Virgin Australia and Alliance Airlines have received a green light to expand their partnership to cover 41 regional domestic routes, and two short-range international routes.
The downsizing of Virgin's fleet under new owners Bain Capital, along with a sharper focus on profitable routes, put scores of regional routes at risk.
Virgin approached Brisbane-based Alliance to help fill that gap, and the Australian Competition & Consumer Commission has now offered tentative approval for that increased cooperation between the two carriers, who already enjoy a codeshare relationship on several routes from Brisbane.
In granting interim authorisation today, the ACCC said the new arrangement was "likely to result in a public benefit by assisting in the re-establishment of Virgin Australia’s national network of routes, thereby promoting competition in airline services."
"The Covid-19 pandemic has significantly disrupted the aviation industry in Australia," noted ACCC Commissioner Stephen Ridgeway.
"This interim authorisation will help facilitate a more competitive aviation landscape as Australian consumers resume travelling and demand for flights increases."
This will pave the way for Virgin to re-establish a number of regional routes which were suspended or withdrawn in response to Covid-19.
While Virgin and Alliance will not compete with each other on the routes covered by the agreement, the ACCC expects Qantas and Jetstar "are likely to compete strongly" on many of the regional routes.
Under the ACCC-approved agreement, Virgin Australia and Alliance Airlines will be allowed to share information and agree on service capacity, schedules and potentially revenue sharing on the nominated routes, as well as new routes not currently serviced by either airline.
PREVIOUS [ November 2, 2020] | Virgin Australia plans to expand its partnership with Alliance Airlines as a way to continue serving regional markets as a more streamlined Virgin takes flight under new owners Bain Capital.
Some 40 regional routes have been earmarked in an application to the Australian Competition & Consumer Commission for increased cooperation between the two carriers, who already enjoy a codeshare relationship on several routes from Brisbane.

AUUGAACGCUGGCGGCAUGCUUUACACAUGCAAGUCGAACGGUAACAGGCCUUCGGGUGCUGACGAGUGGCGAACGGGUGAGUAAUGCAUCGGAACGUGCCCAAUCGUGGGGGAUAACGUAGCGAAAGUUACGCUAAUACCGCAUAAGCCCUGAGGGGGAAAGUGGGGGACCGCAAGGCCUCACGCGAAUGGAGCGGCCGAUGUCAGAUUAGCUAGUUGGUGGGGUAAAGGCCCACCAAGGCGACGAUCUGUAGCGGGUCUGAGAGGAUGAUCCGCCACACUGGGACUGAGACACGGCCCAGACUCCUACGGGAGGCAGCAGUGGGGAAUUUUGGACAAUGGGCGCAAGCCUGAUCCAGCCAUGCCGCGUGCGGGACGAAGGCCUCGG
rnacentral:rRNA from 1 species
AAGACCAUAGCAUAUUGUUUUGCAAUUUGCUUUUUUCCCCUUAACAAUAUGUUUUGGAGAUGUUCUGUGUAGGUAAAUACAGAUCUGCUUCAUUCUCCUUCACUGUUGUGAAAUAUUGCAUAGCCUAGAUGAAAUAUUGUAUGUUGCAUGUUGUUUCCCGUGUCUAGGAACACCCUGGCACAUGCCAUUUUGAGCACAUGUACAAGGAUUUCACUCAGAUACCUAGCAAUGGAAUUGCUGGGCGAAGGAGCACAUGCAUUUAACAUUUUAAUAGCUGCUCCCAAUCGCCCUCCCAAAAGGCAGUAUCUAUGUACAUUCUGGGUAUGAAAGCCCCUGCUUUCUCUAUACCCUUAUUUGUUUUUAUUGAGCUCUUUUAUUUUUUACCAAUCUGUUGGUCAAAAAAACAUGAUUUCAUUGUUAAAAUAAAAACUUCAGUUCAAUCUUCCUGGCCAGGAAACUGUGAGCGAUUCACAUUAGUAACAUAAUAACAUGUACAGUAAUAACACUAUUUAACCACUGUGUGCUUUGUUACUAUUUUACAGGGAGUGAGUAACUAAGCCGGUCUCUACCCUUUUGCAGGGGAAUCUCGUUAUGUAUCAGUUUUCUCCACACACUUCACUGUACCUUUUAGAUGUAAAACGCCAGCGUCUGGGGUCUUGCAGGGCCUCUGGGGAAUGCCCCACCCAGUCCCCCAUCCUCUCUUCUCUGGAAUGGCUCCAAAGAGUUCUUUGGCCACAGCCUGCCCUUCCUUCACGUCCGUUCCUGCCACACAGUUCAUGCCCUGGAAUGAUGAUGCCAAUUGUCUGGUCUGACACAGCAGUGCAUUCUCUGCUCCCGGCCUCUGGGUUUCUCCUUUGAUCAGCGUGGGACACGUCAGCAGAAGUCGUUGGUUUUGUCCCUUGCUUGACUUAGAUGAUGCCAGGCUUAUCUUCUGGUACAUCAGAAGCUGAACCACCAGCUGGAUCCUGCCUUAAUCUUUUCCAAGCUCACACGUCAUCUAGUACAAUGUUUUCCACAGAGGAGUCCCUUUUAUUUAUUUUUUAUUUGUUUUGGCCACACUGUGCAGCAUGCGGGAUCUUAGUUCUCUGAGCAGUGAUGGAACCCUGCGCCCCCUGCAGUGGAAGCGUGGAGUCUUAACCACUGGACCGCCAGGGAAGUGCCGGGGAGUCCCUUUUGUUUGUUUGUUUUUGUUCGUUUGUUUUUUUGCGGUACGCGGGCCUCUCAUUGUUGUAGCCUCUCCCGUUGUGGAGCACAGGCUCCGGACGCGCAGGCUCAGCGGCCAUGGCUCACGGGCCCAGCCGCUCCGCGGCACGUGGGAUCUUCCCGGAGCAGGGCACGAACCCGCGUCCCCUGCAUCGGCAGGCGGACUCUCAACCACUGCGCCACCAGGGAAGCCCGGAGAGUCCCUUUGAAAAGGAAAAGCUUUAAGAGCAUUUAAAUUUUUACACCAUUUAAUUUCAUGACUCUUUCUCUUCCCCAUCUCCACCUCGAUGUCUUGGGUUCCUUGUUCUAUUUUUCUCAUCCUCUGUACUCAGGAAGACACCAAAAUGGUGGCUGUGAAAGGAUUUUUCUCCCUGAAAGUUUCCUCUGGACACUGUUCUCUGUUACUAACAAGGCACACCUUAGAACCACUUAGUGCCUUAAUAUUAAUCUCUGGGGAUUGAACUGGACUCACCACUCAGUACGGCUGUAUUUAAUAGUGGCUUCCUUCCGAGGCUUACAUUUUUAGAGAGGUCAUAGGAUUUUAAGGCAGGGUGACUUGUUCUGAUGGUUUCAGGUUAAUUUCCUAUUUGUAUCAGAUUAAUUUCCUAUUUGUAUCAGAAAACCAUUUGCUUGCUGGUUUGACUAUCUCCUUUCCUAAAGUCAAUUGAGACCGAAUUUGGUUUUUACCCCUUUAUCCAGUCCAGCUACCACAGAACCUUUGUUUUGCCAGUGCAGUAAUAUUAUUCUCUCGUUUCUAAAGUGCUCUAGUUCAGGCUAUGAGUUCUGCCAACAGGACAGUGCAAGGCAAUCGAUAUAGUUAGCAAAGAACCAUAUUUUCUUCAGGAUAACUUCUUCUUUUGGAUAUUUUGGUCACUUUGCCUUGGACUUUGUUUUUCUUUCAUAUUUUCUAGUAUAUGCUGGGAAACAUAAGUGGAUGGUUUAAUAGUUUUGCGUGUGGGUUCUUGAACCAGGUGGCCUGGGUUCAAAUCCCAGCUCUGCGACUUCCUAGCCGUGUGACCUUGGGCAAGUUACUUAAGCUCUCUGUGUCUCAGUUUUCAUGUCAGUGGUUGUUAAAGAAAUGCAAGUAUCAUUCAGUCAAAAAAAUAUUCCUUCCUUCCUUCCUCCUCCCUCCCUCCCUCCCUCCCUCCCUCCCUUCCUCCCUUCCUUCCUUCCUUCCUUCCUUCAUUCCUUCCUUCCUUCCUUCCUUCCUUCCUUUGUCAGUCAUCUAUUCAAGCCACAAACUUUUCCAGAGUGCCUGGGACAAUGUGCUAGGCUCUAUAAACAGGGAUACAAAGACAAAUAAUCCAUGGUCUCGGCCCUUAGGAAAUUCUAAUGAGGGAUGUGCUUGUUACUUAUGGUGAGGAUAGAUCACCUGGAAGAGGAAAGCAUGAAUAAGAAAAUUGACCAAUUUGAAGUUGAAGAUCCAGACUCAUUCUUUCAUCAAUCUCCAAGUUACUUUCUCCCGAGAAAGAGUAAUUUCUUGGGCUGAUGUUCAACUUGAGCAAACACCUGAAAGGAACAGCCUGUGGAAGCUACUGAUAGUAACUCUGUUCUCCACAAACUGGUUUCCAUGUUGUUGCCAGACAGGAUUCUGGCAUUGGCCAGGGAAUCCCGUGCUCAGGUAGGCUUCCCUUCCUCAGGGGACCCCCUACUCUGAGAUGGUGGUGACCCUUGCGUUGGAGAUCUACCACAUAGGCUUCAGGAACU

Almost half of the routes cited spear out from Brisbane and Cairns, including two short-range international legs to Port Moresby and Honiara.
Also listed in the ACCC proposal are:
- Sydney to Canberra, Albury, Ayers Rock, Coffs Harbour, Port Macquarie, Tamworth
- Melbourne to Canberra, Mildura and Newcastle
- Adelaide to Canberra, Alice Springs and Olympic Dam
- Perth to Boulder, Kalgoorlie, Karratha, Kununurra, Newman, Onslow and Port Hedland
In its pitch to the ACC, Virgin cites its shift under Bain "to an all-Boeing 737 mainline fleet" and the removal of its ATR turboprops as potentially creating a hole in the airline's regional footprint.
The 176-seat Boeing 737s "are not appropriate or cost efficient to operate a number of the relevant routes," Virgin notes.
This includes runway limitations at some Queensland destinations such as Cloncurry, Emerald, Moranbah and Weipa.
In addition, "regional New South Wales routes between Sydney and Port Macquarie, Tamworth and Albury have insufficient demand to be viably serviced with a Boeing 737 aircraft."
"Post administration, Virgin Australia is very likely to cancel loss- making routes," the application flags
"Virgin Australia remains committed to servicing these routes in the future, even though it may be unable to operate them itself" – which is where Alliance stands to fill the gap.
Virgin says it has ruled out the Fokker F100s of its own WA-based regional arm as "for operational and network reasons could not be deployed on the east coast."
Alliance Airlines' fleet of Fokker 50s, 70s and 100s is considered as "right-sized" for the nominated routes, with the addition of 14 Embraer E190 jets – the same type which Virgin used to fly until 2018 – offering further scope once they take wing in the first quarter of 2021.
"The current view is that we have a need for around four E190s upfront," Alliance Airlines CEO Lee Schofield told Executive Traveller in August, "but during the course of the 2021 financial year is when we'd expect to bring most, if not all of them in."
Schofield expects that Alliance's E190s could end up flying in a number of "slightly different configurations", including an all-economy layout and a two-cabin version with business class.
"We do like to have a bit of variability in the cabin configuration, and also we like to have the ability to change the interior configuration even while we are in service.”
Read more: Alliance embraces the Embraer E190
While the ACCC assesses this proposed two-year partnership with Alliance, it also continues to weigh up Qantas' interest in expanding its current 19.9% stake in the Brisbane-based carrier to what Qantas has described as "taking a majority position in Alliance Airlines in order to better serve the charter market by unlocking synergies."
"We view that as a compliment, as you expect, (but) we don't have any direct dealings with Qantas,' Schofield told Executive Traveller.
"The ACCC obviously expressed some concerns about that but from day one, we said 'Our role is just to get on with running a business'... and that's exactly what we have done, kept our head down and focused on running our own business successfully."
"Things that we can't control – like COVID, like an ACCC process, like a potential takeover – they'll resolve themselves one way or another."